Starting pitcher Wei-Yin Chen #16 of the Baltimore Orioles throws to a Tampa Bay Rays batter during the first inning at Oriole Park at Camden Yards in Baltimore, Maryland. (Photo by Rob Carr/Getty Images)
It took more than five hours, but Thursday afternoon the Baltimore Orioles finished sweeping the Tampa Bay Rays, ensuring a share of first place for the O's and a tough road to October for the Rays.
Winning a one-run game wasn't anything new for the Orioles; they're 26-7 in one-run games this season. And losing a one-run game wasn't anything new for the Rays; they're 20-26 in one-run games this season.
In the American League East this season, one-run success trumps run differential, and the season's far enough along that that's probably not going to change. The Orioles are probably going to earn a postseason berth, and the Rays probably will not.
Wednesday night, the Orioles won 3-2 on Nate McLouth's walk-off double in the bottom of the ninth.
Thursday, the Orioles won 3-2 on Manny Machado's two-out single in the bottom of the 14th.
Yes. It happened again.
The clubs matched zeroes until the fourth, when Jeff Keppinger plated Ben Zobrist with a sacrifice fly.
The Rays still led 1-0 in the seventh. Jeremy Hellickson had tossed six shutout innings and thrown only 93 pitches, but Joe Maddon replaced Hellickson with left-hander Wade Davis. And Davis got into trouble, all of his own making. First he made an error that allowed rookie Manny Machado to reach. Then, after striking out Mark Reynolds, he walked Robert Andino. And backup catcher Taylor Teagarden, filling in for Matt Wieters, drove a double to the wall in right-center, with Machado and Andino both scoring.
Teagarden giveth, though, and Teagarden taketh away. The Orioles were 63-0 this season when leading after seven innings and so of course they've blown very few leads. They blew this one. Still in the game, Baltimore starter Wei-Yin Chen walked Desmond Jennings to lead off the eighth. Jennings moved to second on Teagarden's passed ball, stole third during a strikeout, and finally scored the tying run on Ben Zobrist's swinging bunt.
And that's where it stayed -- Rays 2, O's 2 -- for quite some time.
In the 11th, Tampa Bay's Ryan Roberts fouled a pitch off his ankle and wasn't able to continue. With the Rays having already relinquished their designated-hitter slot when Evan Longoria shifted from DH to third base, manager Joe Maddon summoned rookie pitcher Chris Archer to replace Roberts at the plate. Archer struck out, then remained in the game to pitch; according to one source, Archer was the first pinch-hitter-turned-pitcher in the American League since 1979.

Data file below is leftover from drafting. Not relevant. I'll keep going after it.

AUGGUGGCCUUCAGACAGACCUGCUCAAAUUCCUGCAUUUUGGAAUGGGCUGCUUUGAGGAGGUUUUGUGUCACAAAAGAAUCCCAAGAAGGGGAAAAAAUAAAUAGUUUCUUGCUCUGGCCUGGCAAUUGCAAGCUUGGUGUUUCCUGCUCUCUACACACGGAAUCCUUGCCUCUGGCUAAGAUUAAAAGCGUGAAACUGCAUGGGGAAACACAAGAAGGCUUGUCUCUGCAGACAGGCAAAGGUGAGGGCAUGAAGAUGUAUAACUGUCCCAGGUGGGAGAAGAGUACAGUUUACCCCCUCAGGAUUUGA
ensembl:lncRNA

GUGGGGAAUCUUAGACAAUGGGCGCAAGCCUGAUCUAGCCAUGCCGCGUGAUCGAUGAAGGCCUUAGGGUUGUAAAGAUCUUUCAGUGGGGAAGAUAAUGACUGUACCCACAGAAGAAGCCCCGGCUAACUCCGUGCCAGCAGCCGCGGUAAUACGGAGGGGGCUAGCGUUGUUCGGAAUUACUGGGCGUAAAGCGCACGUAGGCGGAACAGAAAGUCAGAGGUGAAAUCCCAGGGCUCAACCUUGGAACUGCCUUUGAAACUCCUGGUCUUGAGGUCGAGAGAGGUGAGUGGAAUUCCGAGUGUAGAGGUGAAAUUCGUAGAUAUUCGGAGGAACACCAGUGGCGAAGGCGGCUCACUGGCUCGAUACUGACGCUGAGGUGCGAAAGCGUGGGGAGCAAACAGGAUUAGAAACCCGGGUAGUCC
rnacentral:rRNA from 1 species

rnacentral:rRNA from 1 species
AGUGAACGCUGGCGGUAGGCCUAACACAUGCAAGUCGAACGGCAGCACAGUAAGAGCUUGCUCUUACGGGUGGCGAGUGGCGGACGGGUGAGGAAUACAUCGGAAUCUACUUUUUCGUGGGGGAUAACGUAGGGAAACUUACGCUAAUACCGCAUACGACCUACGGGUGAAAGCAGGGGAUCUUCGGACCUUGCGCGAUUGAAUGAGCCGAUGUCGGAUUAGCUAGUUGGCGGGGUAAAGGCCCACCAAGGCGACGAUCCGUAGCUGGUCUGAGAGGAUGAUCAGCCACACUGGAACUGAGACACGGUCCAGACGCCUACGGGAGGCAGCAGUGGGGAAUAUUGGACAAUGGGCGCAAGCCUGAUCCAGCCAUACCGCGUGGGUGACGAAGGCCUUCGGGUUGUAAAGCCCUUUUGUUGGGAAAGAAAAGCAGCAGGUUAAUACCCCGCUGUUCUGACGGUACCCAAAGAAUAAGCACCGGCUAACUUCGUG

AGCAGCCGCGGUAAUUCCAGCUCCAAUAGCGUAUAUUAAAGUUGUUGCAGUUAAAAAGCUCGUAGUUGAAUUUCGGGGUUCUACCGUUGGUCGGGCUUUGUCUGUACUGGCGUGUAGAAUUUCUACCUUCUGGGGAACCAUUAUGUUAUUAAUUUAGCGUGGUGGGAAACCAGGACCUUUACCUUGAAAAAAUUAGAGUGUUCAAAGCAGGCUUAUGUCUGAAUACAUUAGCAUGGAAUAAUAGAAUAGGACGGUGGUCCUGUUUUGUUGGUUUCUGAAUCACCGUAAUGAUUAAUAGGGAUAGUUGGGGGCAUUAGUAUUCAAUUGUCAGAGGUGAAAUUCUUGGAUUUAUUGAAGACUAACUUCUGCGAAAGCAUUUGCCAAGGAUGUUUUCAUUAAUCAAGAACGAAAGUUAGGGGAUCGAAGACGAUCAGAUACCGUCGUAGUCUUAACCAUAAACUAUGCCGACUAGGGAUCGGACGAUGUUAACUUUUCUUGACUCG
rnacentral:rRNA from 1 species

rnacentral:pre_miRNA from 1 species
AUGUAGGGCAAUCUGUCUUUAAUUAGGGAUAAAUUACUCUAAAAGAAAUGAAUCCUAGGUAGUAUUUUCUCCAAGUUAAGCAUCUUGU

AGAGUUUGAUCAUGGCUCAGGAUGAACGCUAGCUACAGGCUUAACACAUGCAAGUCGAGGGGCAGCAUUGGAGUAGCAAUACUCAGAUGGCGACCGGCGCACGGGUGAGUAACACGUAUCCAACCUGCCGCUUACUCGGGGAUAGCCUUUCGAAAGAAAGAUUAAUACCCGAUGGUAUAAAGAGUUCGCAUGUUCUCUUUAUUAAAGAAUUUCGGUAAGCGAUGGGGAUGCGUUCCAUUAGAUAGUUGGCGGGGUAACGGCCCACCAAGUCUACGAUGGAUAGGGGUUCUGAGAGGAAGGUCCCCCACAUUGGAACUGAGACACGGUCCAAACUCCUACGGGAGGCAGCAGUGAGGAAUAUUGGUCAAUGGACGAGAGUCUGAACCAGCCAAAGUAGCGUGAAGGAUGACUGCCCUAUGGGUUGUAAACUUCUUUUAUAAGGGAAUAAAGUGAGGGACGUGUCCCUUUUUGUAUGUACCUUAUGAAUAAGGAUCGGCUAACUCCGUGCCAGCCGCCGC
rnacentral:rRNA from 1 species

In the 13th, the Orioles almost broke through.They didn't, though, so we'll spare you most of the details. Suffice to say, the O's loaded the bases with nobody out, used a five-man infield for a couple of batters, and somehow escaped catastrophe, thanks largely to Archer -- making just his fourth appearance in the majors, and his first relief outing -- striking out Matt Wieters and Nate McLouth.
In the 14th, the Rays mounted a threat of their own. With Tommy Hunter pitching, Reid Brignac led off and struck out. Jeff Keppinger singled, and Archer struck out while "trying" to bunt. But Jose Molina kept the rally alive with a single up the middle, which brought Buck Showalter out of the dugout and -- with Matt Joyce due next -- left-hander Randy Wolf out of the bullpen. Wolf struck out Joyce looking to end the threat.
In the bottom of the 14th, the Orioles did break through, finally. It all happened with two outs. Archer walked Adam Jones, who went to second when Endy Chavez grounded a single through the left side. Which brought up Manny Machado, all 20 years and two months of him. Archer, in fourth inning of work, fell behind 3-and-0. His next pitch was up in the zone, and Machado lifted a soft liner to left field. Matt Joyce made a diving try for the catch, but came up just short while Jones sprinted home to win the game.
None of this is anything new for the Orioles. Thanks to Jim Johnson and others, they're now 64-0 when leading after seven innings. They're 27-7 in one-run games. They've won 13 straight extra-innings games. Eventually, the O's will lose a few one-run games in a row, or an extra-innings game, maybe even blow a few late-inning leads.
But it's starting to feel like none of that will happen until next spring. It just feels like one of those years.